I’m pretty sure no one associates us primarily with literary adaptations anymore. Slowly, under the indirect, never prescriptive, non-linear influence of AD Franco Boni (as well as GMs Cathy Gordon and Roxanne Duncan), Praxis has turned into a company that has a vocal political perspective and willingness to experiment with new forms. This confidence that it is not just okay, but necessary, for artists to speak up for social justice and risk failure in their practice, is what we have gained over the last decade of our various associations with The Theatre Centre.
This is why although it is mind-blowing that Theatre Centre finally has a permanent home, it will remain at its essential core an idea. It is up to the artistic leadership of a company to define that idea precisely at any given time, but I will venture that part of this idea is that politically challenging and artistically compelling works are not mutually exclusive.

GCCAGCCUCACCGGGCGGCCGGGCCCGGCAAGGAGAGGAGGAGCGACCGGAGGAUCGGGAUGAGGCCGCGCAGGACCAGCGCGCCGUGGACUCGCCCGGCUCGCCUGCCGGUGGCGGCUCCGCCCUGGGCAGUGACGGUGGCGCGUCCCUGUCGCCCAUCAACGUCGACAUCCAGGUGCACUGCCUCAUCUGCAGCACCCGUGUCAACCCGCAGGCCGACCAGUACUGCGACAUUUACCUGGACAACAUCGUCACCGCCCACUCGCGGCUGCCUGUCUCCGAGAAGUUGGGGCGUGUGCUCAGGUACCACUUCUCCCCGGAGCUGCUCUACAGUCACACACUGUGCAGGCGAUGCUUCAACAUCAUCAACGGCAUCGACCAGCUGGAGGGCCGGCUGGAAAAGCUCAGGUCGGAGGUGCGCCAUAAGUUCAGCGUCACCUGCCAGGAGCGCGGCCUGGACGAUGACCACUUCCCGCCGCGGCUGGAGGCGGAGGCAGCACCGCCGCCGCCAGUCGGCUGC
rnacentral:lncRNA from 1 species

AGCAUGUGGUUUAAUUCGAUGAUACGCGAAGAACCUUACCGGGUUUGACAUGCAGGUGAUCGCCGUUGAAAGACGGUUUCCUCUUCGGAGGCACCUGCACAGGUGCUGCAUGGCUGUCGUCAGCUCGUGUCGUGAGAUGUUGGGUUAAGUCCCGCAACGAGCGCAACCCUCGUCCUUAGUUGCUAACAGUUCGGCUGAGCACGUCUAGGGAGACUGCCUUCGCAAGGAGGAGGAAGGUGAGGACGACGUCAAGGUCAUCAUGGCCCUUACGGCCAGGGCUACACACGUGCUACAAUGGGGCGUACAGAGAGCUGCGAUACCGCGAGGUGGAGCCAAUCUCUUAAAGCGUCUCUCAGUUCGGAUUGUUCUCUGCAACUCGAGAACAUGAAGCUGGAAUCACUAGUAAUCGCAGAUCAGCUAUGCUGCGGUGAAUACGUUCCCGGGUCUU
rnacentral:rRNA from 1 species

This is probably not a newsflash to fans of Brecht, Soyinka, Churchill – heck most of our best dramatists. But to consider how Franco Boni has embodied this notion as an Artistic Director now that this building is a reality is a bit mind-bending. Consider two core elements of the given circumstances of being an Artistic Director in Toronto for the past decade: